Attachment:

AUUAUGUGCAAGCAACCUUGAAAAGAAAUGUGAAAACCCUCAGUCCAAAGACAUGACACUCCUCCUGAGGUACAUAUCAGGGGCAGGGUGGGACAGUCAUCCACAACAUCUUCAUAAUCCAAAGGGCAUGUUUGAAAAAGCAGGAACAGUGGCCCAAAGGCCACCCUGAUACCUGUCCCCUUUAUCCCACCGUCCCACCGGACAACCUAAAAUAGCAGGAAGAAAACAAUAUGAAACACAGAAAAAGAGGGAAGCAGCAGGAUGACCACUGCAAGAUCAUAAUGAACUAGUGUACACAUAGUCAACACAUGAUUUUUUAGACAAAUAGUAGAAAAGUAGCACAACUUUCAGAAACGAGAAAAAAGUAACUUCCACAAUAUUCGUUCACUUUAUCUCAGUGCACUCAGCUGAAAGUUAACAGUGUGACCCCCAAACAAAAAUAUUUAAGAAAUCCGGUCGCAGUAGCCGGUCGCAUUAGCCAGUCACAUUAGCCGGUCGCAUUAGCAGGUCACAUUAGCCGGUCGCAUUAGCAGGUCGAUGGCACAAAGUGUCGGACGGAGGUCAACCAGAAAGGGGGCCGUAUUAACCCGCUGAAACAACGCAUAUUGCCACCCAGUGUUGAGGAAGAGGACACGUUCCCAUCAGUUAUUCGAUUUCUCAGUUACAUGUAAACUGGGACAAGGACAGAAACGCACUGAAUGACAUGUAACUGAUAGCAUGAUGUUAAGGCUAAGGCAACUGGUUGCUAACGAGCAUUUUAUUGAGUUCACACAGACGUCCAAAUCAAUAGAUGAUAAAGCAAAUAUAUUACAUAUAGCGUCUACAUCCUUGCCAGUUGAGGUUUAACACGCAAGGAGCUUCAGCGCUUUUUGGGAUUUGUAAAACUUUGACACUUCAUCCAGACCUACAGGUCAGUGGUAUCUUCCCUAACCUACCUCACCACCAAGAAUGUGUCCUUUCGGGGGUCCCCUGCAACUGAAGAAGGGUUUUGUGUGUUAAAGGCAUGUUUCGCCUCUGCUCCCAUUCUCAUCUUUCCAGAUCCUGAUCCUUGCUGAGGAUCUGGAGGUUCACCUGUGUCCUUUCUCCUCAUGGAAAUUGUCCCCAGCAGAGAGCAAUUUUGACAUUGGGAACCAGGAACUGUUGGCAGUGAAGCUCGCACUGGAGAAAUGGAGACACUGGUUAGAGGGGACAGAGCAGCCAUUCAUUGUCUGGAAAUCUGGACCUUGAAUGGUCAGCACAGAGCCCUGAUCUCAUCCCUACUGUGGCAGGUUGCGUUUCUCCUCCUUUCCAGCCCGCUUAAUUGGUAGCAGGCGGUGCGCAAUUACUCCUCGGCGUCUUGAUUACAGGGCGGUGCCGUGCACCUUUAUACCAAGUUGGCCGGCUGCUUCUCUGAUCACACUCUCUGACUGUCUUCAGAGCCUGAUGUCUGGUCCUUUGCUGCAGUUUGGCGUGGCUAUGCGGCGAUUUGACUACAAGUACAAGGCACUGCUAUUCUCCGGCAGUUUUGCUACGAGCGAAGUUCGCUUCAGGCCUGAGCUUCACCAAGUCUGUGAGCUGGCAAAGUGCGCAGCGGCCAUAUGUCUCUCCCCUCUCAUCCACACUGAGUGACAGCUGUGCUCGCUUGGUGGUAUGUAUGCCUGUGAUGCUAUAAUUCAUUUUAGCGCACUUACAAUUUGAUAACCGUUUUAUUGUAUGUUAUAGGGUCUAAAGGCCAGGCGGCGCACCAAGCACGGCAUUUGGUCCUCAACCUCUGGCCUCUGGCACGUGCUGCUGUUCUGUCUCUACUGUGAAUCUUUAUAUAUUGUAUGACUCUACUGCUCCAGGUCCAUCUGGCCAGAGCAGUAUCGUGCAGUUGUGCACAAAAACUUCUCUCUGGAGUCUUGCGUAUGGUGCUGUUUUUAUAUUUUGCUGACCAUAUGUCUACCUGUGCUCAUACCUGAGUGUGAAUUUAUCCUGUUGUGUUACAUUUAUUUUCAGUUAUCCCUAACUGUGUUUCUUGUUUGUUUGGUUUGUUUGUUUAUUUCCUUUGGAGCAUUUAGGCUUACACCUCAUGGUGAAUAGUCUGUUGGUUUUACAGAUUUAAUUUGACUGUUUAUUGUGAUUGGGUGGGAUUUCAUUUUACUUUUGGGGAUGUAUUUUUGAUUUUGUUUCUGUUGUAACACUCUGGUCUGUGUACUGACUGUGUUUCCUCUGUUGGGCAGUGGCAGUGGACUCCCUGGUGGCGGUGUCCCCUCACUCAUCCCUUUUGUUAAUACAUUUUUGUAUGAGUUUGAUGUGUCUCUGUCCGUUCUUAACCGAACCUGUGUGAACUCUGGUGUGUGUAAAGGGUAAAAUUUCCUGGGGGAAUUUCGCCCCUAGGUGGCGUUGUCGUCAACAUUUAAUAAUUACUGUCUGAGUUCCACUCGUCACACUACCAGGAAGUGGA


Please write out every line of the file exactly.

AUUAUGUGCAAGCAACCUUGAAAAGAAAUGUGAAAACCCUCAGUCCAAAGACAUGACACUCCUCCUGAGGUACAUAUCAGGGGCAGGGUGGGACAGUCAUCCACAACAUCUUCAUAAUCCAAAGGGCAUGUUUGAAAAAGCAGGAACAGUGGCCCAAAGGCCACCCUGAUACCUGUCCCCUUUAUCCCACCGUCCCACCGGACAACCUAAAAUAGCAGGAAGAAAACAAUAUGAAACACAGAAAAAGAGGGAAGCAGCAGGAUGACCACUGCAAGAUCAUAAUGAACUAGUGUACACAUAGUCAACACAUGAUUUUUUAGACAAAUAGUAGAAAAGUAGCACAACUUUCAGAAACGAGAAAAAAGUAACUUCCACAAUAUUCGUUCACUUUAUCUCAGUGCACUCAGCUGAAAGUUAACAGUGUGACCCCCAAACAAAAAUAUUUAAGAAAUCCGGUCGCAGUAGCCGGUCGCAUUAGCCAGUCACAUUAGCCGGUCGCAUUAGCAGGUCACAUUAGCCGGUCGCAUUAGCAGGUCGAUGGCACAAAGUGUCGGACGGAGGUCAACCAGAAAGGGGGCCGUAUUAACCCGCUGAAACAACGCAUAUUGCCACCCAGUGUUGAGGAAGAGGACACGUUCCCAUCAGUUAUUCGAUUUCUCAGUUACAUGUAAACUGGGACAAGGACAGAAACGCACUGAAUGACAUGUAACUGAUAGCAUGAUGUUAAGGCUAAGGCAACUGGUUGCUAACGAGCAUUUUAUUGAGUUCACACAGACGUCCAAAUCAAUAGAUGAUAAAGCAAAUAUAUUACAUAUAGCGUCUACAUCCUUGCCAGUUGAGGUUUAACACGCAAGGAGCUUCAGCGCUUUUUGGGAUUUGUAAAACUUUGACACUUCAUCCAGACCUACAGGUCAGUGGUAUCUUCCCUAACCUACCUCACCACCAAGAAUGUGUCCUUUCGGGGGUCCCCUGCAACUGAAGAAGGGUUUUGUGUGUUAAAGGCAUGUUUCGCCUCUGCUCCCAUUCUCAUCUUUCCAGAUCCUGAUCCUUGCUGAGGAUCUGGAGGUUCACCUGUGUCCUUUCUCCUCAUGGAAAUUGUCCCCAGCAGAGAGCAAUUUUGACAUUGGGAACCAGGAACUGUUGGCAGUGAAGCUCGCACUGGAGAAAUGGAGACACUGGUUAGAGGGGACAGAGCAGCCAUUCAUUGUCUGGAAAUCUGGACCUUGAAUGGUCAGCACAGAGCCCUGAUCUCAUCCCUACUGUGGCAGGUUGCGUUUCUCCUCCUUUCCAGCCCGCUUAAUUGGUAGCAGGCGGUGCGCAAUUACUCCUCGGCGUCUUGAUUACAGGGCGGUGCCGUGCACCUUUAUACCAAGUUGGCCGGCUGCUUCUCUGAUCACACUCUCUGACUGUCUUCAGAGCCUGAUGUCUGGUCCUUUGCUGCAGUUUGGCGUGGCUAUGCGGCGAUUUGACUACAAGUACAAGGCACUGCUAUUCUCCGGCAGUUUUGCUACGAGCGAAGUUCGCUUCAGGCCUGAGCUUCACCAAGUCUGUGAGCUGGCAAAGUGCGCAGCGGCCAUAUGUCUCUCCCCUCUCAUCCACACUGAGUGACAGCUGUGCUCGCUUGGUGGUAUGUAUGCCUGUGAUGCUAUAAUUCAUUUUAGCGCACUUACAAUUUGAUAACCGUUUUAUUGUAUGUUAUAGGGUCUAAAGGCCAGGCGGCGCACCAAGCACGGCAUUUGGUCCUCAACCUCUGGCCUCUGGCACGUGCUGCUGUUCUGUCUCUACUGUGAAUCUUUAUAUAUUGUAUGACUCUACUGCUCCAGGUCCAUCUGGCCAGAGCAGUAUCGUGCAGUUGUGCACAAAAACUUCUCUCUGGAGUCUUGCGUAUGGUGCUGUUUUUAUAUUUUGCUGACCAUAUGUCUACCUGUGCUCAUACCUGAGUGUGAAUUUAUCCUGUUGUGUUACAUUUAUUUUCAGUUAUCCCUAACUGUGUUUCUUGUUUGUUUGGUUUGUUUGUUUAUUUCCUUUGGAGCAUUUAGGCUUACACCUCAUGGUGAAUAGUCUGUUGGUUUUACAGAUUUAAUUUGACUGUUUAUUGUGAUUGGGUGGGAUUUCAUUUUACUUUUGGGGAUGUAUUUUUGAUUUUGUUUCUGUUGUAACACUCUGGUCUGUGUACUGACUGUGUUUCCUCUGUUGGGCAGUGGCAGUGGACUCCCUGGUGGCGGUGUCCCCUCACUCAUCCCUUUUGUUAAUACAUUUUUGUAUGAGUUUGAUGUGUCUCUGUCCGUUCUUAACCGAACCUGUGUGAACUCUGGUGUGUGUAAAGGGUAAAAUUUCCUGGGGGAAUUUCGCCCCUAGGUGGCGUUGUCGUCAACAUUUAAUAAUUACUGUCUGAGUUCCACUCGUCACACUACCAGGAAGUGGA